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"It was hard to watch some of the very cruel bullying parts of that movie," Corser said. "It was realistic, so it invoked a lot of empathy with me and with our students."
The school would have liked to get more students to see the film, but there weren’t enough buses. Corser said they chose the youngest students because they’re "at an age where they encounter more of this problem."
About 200 seventh-graders went to see the movie. Among them was Elisabeth Johnson, who said many students got emotional.
"It was sad to hear their stories because they were kids our age," Johnson said. "A lot of people cried."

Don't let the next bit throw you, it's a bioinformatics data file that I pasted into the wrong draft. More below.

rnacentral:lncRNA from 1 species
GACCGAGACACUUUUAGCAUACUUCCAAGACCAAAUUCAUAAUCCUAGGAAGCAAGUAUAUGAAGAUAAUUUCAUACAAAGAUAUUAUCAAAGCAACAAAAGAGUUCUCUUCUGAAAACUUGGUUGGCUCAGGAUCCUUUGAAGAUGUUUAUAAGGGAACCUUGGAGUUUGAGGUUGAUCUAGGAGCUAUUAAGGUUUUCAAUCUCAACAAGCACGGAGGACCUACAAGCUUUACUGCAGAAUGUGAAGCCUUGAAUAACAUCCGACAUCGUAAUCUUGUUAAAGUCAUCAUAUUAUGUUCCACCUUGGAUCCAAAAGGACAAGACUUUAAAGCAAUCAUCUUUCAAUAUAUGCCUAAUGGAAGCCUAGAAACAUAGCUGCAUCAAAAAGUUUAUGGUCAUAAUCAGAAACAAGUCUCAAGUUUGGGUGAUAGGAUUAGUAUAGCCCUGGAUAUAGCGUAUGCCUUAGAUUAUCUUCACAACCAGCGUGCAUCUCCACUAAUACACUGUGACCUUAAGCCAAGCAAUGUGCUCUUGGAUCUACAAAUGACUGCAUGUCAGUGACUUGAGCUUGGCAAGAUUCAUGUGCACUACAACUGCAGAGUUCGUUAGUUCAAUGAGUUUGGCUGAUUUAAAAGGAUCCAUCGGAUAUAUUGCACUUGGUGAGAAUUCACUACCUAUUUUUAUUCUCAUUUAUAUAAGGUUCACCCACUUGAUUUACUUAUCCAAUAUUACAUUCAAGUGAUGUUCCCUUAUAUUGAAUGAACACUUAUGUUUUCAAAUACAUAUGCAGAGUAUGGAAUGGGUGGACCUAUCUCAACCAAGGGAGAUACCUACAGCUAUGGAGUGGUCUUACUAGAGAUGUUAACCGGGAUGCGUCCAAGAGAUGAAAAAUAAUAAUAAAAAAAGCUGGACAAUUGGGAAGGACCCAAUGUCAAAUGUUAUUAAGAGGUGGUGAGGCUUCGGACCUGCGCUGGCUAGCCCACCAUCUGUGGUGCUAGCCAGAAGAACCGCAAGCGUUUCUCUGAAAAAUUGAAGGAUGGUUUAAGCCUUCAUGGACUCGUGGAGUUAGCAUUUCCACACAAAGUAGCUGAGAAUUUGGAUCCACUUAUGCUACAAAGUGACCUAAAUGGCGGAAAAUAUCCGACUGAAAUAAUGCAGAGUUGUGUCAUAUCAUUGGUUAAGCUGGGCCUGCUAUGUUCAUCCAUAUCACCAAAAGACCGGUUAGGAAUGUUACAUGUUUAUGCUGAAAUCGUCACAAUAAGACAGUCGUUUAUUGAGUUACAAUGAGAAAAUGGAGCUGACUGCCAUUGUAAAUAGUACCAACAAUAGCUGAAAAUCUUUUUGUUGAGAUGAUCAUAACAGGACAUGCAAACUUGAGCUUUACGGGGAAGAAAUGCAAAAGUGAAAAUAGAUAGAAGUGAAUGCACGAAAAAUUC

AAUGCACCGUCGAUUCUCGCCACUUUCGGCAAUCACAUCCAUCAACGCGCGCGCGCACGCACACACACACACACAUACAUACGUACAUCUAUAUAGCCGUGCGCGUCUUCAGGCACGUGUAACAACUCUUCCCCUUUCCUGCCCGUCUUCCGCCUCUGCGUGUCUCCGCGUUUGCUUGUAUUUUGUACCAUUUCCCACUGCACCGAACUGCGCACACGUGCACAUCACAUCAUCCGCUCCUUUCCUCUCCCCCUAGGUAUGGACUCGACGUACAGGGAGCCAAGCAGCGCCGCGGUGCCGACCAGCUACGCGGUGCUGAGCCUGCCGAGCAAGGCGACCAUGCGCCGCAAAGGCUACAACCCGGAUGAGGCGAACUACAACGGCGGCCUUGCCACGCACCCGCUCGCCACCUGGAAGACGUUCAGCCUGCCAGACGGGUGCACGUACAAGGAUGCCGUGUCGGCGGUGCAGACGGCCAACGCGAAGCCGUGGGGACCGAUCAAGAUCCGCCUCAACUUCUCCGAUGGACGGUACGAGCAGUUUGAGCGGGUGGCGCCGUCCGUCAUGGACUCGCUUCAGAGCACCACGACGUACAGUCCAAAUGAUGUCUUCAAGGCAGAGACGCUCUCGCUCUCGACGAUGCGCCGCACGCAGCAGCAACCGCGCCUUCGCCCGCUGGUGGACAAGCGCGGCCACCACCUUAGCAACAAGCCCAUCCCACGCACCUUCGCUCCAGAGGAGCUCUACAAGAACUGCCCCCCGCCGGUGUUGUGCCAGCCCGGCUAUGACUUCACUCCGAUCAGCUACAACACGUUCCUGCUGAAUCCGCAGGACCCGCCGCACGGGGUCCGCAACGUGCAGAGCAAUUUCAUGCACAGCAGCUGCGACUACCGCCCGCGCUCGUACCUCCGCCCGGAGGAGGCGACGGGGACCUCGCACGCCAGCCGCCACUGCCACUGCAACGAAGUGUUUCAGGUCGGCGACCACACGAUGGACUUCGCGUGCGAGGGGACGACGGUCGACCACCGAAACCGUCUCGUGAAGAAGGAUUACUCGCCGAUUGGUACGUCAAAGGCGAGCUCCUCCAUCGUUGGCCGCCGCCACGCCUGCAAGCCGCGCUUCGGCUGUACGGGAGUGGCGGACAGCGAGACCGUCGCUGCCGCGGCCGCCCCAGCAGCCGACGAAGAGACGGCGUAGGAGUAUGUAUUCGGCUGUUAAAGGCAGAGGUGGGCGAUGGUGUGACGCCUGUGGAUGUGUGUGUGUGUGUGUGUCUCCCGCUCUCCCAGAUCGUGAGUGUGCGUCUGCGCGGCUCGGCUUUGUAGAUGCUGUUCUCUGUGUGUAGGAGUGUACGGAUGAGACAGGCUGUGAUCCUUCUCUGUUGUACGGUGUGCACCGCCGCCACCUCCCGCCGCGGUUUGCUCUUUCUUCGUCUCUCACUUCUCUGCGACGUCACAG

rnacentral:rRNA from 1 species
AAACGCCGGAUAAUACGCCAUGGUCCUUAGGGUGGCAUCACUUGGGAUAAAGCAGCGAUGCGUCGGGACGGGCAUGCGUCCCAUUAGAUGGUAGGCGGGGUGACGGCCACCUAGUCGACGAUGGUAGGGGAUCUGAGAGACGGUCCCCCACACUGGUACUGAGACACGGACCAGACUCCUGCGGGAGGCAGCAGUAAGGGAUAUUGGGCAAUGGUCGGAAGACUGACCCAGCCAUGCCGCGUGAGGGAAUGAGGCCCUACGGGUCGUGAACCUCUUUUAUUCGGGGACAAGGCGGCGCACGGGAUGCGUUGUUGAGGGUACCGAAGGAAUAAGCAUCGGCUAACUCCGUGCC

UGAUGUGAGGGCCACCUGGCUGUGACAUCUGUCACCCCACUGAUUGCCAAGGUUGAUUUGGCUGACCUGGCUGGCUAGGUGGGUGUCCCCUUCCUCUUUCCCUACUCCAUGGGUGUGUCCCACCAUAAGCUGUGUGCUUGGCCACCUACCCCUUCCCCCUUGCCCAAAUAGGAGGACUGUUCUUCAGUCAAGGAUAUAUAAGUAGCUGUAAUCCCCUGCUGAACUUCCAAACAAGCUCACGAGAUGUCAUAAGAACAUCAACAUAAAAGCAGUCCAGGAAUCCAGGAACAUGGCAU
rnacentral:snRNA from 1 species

Another seventh-grader, Joshua Christensen, said the movie was inspiring.
"It was a good movie to teach kids how to stick up to a bully and to tell others about it so they know if they do encounter a bully to get help," Christensen said.
Taylor Rubalcava, a seventh-grader, said he learned how big of an issue bullying is after seeing the film "Bully."
"I knew about bullying, but I didn’t think bullying was that big of a deal," he said. "It can be really serious [because] you don’t know what else is going on.
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